Harrington, Lomu champion golf and rugby’s Olympic bids

GOLF and rugby sevens face one last test on Friday if they are to be included in the Olympics from 2016. The International Olympic Committee’s executive board voted to include both at a meeting two months ago.

But the recommendation must be rubber-stamped by a full meeting of the IOC congress in Copenhagen.

Top golfers Pádraig Harrington and Michelle Wie and Kiwi rugby great Jonah Lomu will be part of their sport’s final presentations.

Also taking part will be Europe’s leading ladies golfer Suzann Pettersen and 16-year-old Italian Matteo Manassero, the youngest ever winner of the British Amateur title and joint 13th at The Open in July,

The four will join Ty Votaw, executive director of the International Golf Federation’s Olympic Golf Committee, and Peter Dawson, chief executive of the Royal and Ancient Club and joint secretary of the IGF.

Golf and rugby sevens, the two sports recommended for the 2016 Olympic programme in Rio de Janeiro by the IOC Executive Board, will present their final case to the full membership before it votes that same day on whether to accept one, both or neither sport.

“We have demonstrated to the IOC Executive Board throughout the evaluation process that golf’s bid to become an Olympic sport has received unprecedented support from both amateur and professional golf organisations around the world and leading international players,” said Votaw.

“Now we must reaffirm this support before the full IOC membership and we couldn’t be more pleased than to have Pádraig, Suzann, Matteo and Michelle help to communicate this support during our final presentation.”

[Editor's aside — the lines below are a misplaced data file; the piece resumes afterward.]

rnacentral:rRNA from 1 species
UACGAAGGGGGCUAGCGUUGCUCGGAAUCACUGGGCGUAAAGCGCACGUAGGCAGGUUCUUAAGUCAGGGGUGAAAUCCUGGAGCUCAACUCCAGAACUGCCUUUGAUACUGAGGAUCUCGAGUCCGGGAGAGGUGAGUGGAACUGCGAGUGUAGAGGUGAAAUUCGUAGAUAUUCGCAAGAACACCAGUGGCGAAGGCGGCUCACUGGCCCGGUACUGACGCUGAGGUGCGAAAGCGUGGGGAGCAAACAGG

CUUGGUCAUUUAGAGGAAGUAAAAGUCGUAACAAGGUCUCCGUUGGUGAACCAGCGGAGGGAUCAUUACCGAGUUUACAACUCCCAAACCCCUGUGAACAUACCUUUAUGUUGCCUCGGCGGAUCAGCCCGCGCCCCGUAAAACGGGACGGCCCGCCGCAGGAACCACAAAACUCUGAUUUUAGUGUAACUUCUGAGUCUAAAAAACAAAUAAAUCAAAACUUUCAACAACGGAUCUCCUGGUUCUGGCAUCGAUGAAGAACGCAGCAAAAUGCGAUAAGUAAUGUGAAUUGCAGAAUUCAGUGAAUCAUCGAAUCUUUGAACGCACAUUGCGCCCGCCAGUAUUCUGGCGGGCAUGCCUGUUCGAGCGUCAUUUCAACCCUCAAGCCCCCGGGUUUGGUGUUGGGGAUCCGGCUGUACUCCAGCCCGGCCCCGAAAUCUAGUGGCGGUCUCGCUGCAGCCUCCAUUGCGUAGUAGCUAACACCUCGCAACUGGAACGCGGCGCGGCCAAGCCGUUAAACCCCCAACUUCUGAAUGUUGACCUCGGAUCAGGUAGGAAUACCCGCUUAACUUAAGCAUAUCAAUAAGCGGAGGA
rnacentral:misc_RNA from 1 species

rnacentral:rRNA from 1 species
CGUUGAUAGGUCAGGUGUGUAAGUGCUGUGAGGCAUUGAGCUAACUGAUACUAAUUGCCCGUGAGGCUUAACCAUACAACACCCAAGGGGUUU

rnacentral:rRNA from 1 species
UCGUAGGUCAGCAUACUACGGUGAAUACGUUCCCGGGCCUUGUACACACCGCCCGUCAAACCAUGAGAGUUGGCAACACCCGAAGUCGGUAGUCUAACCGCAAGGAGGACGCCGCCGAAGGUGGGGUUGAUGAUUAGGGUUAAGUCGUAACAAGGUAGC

Leading up to Friday’s vote, golf and rugby sevens emerged from a year-long evaluation that included formal presentations by seven candidate sports.

Softball, squash, baseball, karate and roller sports were also in contention for Olympic spots until being eliminated by the executive board vote in August.

Golf was played at the Paris Games back in 1900 – when Walter Rutherford and David Robertson won silver and gold respectively for Great Britain – and four years later it was also played at St Louis, but has never returned to the Olympic agenda since.

One of the main issues has been whether top players will compete in the Olympics when they already have a full schedule, but superstar Tiger Woods indicated on Tuesday he would play.

The proposed format would be a 72-hole strokeplay competition for men and women, with 60 players in each field. The world’s top 15 players would qualify automatically, and all major professional tours would alter tournament schedules to avoid a clash with the Olympics.

IOC president Jacques Rogge believes winning an Olympic gold medal will remain one of the main ambitions for top golfers, despite the traditional lure of the four major championships – the US Masters, the British Open, the US Open and the USPGA.

Rogge said in August: “This is the young generation that will be at its peak in 2016. The same question was raised time and time again when tennis and ice hockey were introduced.

“Ask [top tennis players] Rafael Nadal and Roger Federer, ask the NHL players, ask the NBA basketball players.

“They all want to go to the Games – they are absolutely not concerned about that.”

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